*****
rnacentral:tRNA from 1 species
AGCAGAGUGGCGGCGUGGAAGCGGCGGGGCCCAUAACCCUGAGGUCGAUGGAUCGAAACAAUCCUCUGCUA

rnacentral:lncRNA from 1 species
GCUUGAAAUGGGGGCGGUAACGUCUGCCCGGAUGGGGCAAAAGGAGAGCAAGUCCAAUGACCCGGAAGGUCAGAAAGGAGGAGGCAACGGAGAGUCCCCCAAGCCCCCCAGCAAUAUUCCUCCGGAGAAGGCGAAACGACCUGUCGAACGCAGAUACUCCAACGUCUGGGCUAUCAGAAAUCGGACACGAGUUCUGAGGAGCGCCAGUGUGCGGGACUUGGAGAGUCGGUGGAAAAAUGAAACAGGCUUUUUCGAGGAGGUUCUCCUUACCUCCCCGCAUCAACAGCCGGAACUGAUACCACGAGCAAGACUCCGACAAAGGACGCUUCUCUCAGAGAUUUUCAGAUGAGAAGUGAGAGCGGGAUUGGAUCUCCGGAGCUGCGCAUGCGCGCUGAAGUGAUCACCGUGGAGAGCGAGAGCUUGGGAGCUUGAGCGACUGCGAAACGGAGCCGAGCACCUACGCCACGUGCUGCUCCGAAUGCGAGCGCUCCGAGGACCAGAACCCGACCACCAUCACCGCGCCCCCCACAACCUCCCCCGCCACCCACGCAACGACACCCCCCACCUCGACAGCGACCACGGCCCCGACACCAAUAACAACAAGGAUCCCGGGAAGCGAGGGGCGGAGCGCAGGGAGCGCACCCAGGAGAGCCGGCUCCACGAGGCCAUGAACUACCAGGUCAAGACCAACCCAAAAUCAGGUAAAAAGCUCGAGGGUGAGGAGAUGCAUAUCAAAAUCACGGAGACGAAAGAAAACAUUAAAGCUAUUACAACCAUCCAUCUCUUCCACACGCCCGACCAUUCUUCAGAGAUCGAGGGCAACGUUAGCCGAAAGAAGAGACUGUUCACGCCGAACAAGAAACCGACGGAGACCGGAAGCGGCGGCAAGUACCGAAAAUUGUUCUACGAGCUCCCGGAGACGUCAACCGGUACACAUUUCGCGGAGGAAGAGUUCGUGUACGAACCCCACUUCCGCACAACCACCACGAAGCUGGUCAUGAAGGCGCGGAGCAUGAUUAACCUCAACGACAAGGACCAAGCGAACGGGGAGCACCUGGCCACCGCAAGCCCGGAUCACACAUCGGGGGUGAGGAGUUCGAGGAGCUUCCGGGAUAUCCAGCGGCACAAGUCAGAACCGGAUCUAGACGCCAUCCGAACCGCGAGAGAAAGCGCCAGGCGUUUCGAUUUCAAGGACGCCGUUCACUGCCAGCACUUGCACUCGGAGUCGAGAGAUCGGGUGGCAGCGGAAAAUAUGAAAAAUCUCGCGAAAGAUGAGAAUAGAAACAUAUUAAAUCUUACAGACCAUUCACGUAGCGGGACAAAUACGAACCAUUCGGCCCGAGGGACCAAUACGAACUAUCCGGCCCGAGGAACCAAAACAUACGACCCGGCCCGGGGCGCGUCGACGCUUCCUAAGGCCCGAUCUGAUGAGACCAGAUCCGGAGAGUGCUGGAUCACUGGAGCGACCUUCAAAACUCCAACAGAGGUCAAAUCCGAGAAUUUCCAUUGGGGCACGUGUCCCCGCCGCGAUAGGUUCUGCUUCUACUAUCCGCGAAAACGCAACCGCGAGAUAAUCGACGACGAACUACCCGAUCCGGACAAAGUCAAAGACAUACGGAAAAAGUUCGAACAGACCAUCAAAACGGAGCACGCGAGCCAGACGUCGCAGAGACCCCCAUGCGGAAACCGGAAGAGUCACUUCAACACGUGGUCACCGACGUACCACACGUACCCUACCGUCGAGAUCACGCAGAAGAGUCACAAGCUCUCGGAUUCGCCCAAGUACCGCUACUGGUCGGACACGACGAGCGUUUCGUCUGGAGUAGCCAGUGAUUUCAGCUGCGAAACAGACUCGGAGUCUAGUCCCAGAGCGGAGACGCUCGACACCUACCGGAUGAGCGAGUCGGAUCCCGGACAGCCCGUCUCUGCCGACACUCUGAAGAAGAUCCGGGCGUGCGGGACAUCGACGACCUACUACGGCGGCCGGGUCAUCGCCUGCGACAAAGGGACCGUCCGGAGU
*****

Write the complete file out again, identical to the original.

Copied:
rnacentral:tRNA from 1 species
AGCAGAGUGGCGGCGUGGAAGCGGCGGGGCCCAUAACCCUGAGGUCGAUGGAUCGAAACAAUCCUCUGCUA

rnacentral:lncRNA from 1 species
GCUUGAAAUGGGGGCGGUAACGUCUGCCCGGAUGGGGCAAAAGGAGAGCAAGUCCAAUGACCCGGAAGGUCAGAAAGGAGGAGGCAACGGAGAGUCCCCCAAGCCCCCCAGCAAUAUUCCUCCGGAGAAGGCGAAACGACCUGUCGAACGCAGAUACUCCAACGUCUGGGCUAUCAGAAAUCGGACACGAGUUCUGAGGAGCGCCAGUGUGCGGGACUUGGAGAGUCGGUGGAAAAAUGAAACAGGCUUUUUCGAGGAGGUUCUCCUUACCUCCCCGCAUCAACAGCCGGAACUGAUACCACGAGCAAGACUCCGACAAAGGACGCUUCUCUCAGAGAUUUUCAGAUGAGAAGUGAGAGCGGGAUUGGAUCUCCGGAGCUGCGCAUGCGCGCUGAAGUGAUCACCGUGGAGAGCGAGAGCUUGGGAGCUUGAGCGACUGCGAAACGGAGCCGAGCACCUACGCCACGUGCUGCUCCGAAUGCGAGCGCUCCGAGGACCAGAACCCGACCACCAUCACCGCGCCCCCCACAACCUCCCCCGCCACCCACGCAACGACACCCCCCACCUCGACAGCGACCACGGCCCCGACACCAAUAACAACAAGGAUCCCGGGAAGCGAGGGGCGGAGCGCAGGGAGCGCACCCAGGAGAGCCGGCUCCACGAGGCCAUGAACUACCAGGUCAAGACCAACCCAAAAUCAGGUAAAAAGCUCGAGGGUGAGGAGAUGCAUAUCAAAAUCACGGAGACGAAAGAAAACAUUAAAGCUAUUACAACCAUCCAUCUCUUCCACACGCCCGACCAUUCUUCAGAGAUCGAGGGCAACGUUAGCCGAAAGAAGAGACUGUUCACGCCGAACAAGAAACCGACGGAGACCGGAAGCGGCGGCAAGUACCGAAAAUUGUUCUACGAGCUCCCGGAGACGUCAACCGGUACACAUUUCGCGGAGGAAGAGUUCGUGUACGAACCCCACUUCCGCACAACCACCACGAAGCUGGUCAUGAAGGCGCGGAGCAUGAUUAACCUCAACGACAAGGACCAAGCGAACGGGGAGCACCUGGCCACCGCAAGCCCGGAUCACACAUCGGGGGUGAGGAGUUCGAGGAGCUUCCGGGAUAUCCAGCGGCACAAGUCAGAACCGGAUCUAGACGCCAUCCGAACCGCGAGAGAAAGCGCCAGGCGUUUCGAUUUCAAGGACGCCGUUCACUGCCAGCACUUGCACUCGGAGUCGAGAGAUCGGGUGGCAGCGGAAAAUAUGAAAAAUCUCGCGAAAGAUGAGAAUAGAAACAUAUUAAAUCUUACAGACCAUUCACGUAGCGGGACAAAUACGAACCAUUCGGCCCGAGGGACCAAUACGAACUAUCCGGCCCGAGGAACCAAAACAUACGACCCGGCCCGGGGCGCGUCGACGCUUCCUAAGGCCCGAUCUGAUGAGACCAGAUCCGGAGAGUGCUGGAUCACUGGAGCGACCUUCAAAACUCCAACAGAGGUCAAAUCCGAGAAUUUCCAUUGGGGCACGUGUCCCCGCCGCGAUAGGUUCUGCUUCUACUAUCCGCGAAAACGCAACCGCGAGAUAAUCGACGACGAACUACCCGAUCCGGACAAAGUCAAAGACAUACGGAAAAAGUUCGAACAGACCAUCAAAACGGAGCACGCGAGCCAGACGUCGCAGAGACCCCCAUGCGGAAACCGGAAGAGUCACUUCAACACGUGGUCACCGACGUACCACACGUACCCUACCGUCGAGAUCACGCAGAAGAGUCACAAGCUCUCGGAUUCGCCCAAGUACCGCUACUGGUCGGACACGACGAGCGUUUCGUCUGGAGUAGCCAGUGAUUUCAGCUGCGAAACAGACUCGGAGUCUAGUCCCAGAGCGGAGACGCUCGACACCUACCGGAUGAGCGAGUCGGAUCCCGGACAGCCCGUCUCUGCCGACACUCUGAAGAAGAUCCGGGCGUGCGGGACAUCGACGACCUACUACGGCGGCCGGGUCAUCGCCUGCGACAAAGGGACCGUCCGGAGU